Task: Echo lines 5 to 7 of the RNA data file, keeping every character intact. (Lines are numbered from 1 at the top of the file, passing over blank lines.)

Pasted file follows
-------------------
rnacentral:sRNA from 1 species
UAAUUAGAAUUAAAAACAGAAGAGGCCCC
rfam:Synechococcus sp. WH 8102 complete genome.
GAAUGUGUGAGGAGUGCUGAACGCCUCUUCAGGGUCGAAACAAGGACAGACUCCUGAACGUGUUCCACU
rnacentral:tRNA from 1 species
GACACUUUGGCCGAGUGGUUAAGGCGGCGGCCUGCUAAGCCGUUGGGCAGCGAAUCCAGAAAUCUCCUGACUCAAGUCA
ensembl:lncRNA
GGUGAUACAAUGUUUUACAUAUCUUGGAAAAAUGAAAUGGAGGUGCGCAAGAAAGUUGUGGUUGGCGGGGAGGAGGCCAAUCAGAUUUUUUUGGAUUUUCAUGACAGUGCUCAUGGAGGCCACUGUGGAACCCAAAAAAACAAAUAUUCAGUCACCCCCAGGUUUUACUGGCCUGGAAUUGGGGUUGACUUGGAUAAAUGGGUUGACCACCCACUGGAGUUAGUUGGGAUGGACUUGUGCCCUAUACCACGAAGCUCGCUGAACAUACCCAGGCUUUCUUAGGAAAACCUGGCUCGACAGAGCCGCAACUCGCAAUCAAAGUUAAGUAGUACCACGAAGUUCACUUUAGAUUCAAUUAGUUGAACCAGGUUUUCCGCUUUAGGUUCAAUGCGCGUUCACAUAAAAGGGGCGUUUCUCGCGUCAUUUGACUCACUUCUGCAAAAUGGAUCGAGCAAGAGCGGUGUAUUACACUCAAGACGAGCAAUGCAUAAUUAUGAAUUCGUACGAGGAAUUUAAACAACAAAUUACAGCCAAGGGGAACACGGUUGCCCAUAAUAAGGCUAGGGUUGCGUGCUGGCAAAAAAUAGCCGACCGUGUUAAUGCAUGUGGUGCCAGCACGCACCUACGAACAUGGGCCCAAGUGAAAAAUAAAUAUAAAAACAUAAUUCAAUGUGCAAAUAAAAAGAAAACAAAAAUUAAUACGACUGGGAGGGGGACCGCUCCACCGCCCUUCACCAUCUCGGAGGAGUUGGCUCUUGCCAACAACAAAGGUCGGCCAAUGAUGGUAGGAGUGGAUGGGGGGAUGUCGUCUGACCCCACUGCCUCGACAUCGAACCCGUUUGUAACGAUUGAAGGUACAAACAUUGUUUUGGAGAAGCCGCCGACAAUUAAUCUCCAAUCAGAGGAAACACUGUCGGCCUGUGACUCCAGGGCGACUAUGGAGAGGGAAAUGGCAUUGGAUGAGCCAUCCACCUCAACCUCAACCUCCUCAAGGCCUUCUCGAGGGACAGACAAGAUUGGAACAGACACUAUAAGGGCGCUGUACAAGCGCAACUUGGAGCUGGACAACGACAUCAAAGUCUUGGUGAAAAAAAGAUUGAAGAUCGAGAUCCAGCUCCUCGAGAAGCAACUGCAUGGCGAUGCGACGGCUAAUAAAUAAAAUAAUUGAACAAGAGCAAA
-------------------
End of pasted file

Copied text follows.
rnacentral:tRNA from 1 species
GACACUUUGGCCGAGUGGUUAAGGCGGCGGCCUGCUAAGCCGUUGGGCAGCGAAUCCAGAAAUCUCCUGACUCAAGUCA
ensembl:lncRNA